When you are almost thirty, you pass slowly through the face moisturizer aisles and begin to think maybe it’s time. Your face no longer looks like a Maybelline commercial when you wake up in the morning. Instead, your eye lines remind you of your mother’s.

 

Blue eye shadow is generally, as a rule, out. Mascara is in. Eyebrows have gone from thick to thin to thick again. You wear sunscreen and bug spray, while secretly worrying the sunscreen and bug spray might kill you with their toxic cancer-causing molecules.

 

Being almost thirty means you are invited to cleaning parties and jewelry parties and face cream parties. It means you can actually buy something at these parties if you really want. It means these parties have hors d’oeuvres and maybe even jalapenos wrapped in bacon with warm, thick goat cheese instead of chips and store-bought salsa. It means you may have broiled the jalapenos yourself. It means you know how to broil.

 

Being almost thirty means you still laugh with your head back, in a carefree manner, but you’re aware when you might be laughing just a little too loud and the little old lady across from you is giving you the side-eye. It means, at a wedding, you don’t worry about finding someone to dance with. You dance to “I want to lay with you on a mountain…” like you are twenty-three again; and the nostalgia bites you and you can’t help but feel sad in a way you never did then.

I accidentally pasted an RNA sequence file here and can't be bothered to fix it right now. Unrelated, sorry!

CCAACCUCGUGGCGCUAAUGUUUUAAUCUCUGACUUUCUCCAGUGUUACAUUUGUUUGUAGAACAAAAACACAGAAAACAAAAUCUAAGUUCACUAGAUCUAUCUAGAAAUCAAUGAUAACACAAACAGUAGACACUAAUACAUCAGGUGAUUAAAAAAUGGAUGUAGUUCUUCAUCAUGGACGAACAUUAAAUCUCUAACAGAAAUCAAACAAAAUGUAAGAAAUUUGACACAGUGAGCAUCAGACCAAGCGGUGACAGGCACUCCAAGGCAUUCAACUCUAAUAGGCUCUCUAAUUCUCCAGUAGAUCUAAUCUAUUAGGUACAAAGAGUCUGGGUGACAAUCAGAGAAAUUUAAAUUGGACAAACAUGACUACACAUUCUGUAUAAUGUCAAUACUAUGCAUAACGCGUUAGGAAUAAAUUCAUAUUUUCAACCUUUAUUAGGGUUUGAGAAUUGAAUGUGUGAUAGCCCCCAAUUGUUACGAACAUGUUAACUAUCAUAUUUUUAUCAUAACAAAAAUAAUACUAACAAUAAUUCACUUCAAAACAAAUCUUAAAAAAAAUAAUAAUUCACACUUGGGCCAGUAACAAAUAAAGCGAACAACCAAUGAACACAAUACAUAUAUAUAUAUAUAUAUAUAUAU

Being almost thirty means you may own an actual pristine $200 black suitcase—but not in the neon pink or leopard colors you once coveted at twenty-one. It means you can plan a European vacation, but you can’t really take that many days off work right then because of other commitments, so you plan to go later. It means you are still trying to make the very last payment on your student loans, anyhow.

 

Being almost thirty means you spend the Fourth of July with children, eating watermelon, and watching toddlers wide-eyed and doubtful with their first sparklers. It means Fourth of July is more fun than it ever was when you spent the whole night longing to find a boy to kiss under the red, white, and blue splashes and booms of color.

 

Being almost thirty means you’re done with twenty-something listicles, unless they reference Britney Spears and ’90s culture. Instead of reading “Twenty Ways to Be Hot So a Boy Will Like You,” you read about #blacklivesmatter and ISIS and you worry about the world.

 

Being almost thirty means “iconic” old-school toys at the end of the Target aisle are the actual toys you once played with for hours as a kid, so as you run your fingers over the old house phone that you could ring the numbers on, you resist the urge to buy it for old time’s sake.

 

Being almost thirty means you don’t call yourself a young twenty-something anymore. It means you’ll no longer use “young” as the precursor to any other descriptor—after all, no one says “young thirty-something” or “young forty-something.”

 

 

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Being almost thirty means you have struggled through a few dead-end jobs with people you didn’t like and cried in the car driving away from work, hoping no one saw you to witness how unprofessional you could still be. It means you may have been on antidepressants. It means you know when you need help with medication and when you are just fine.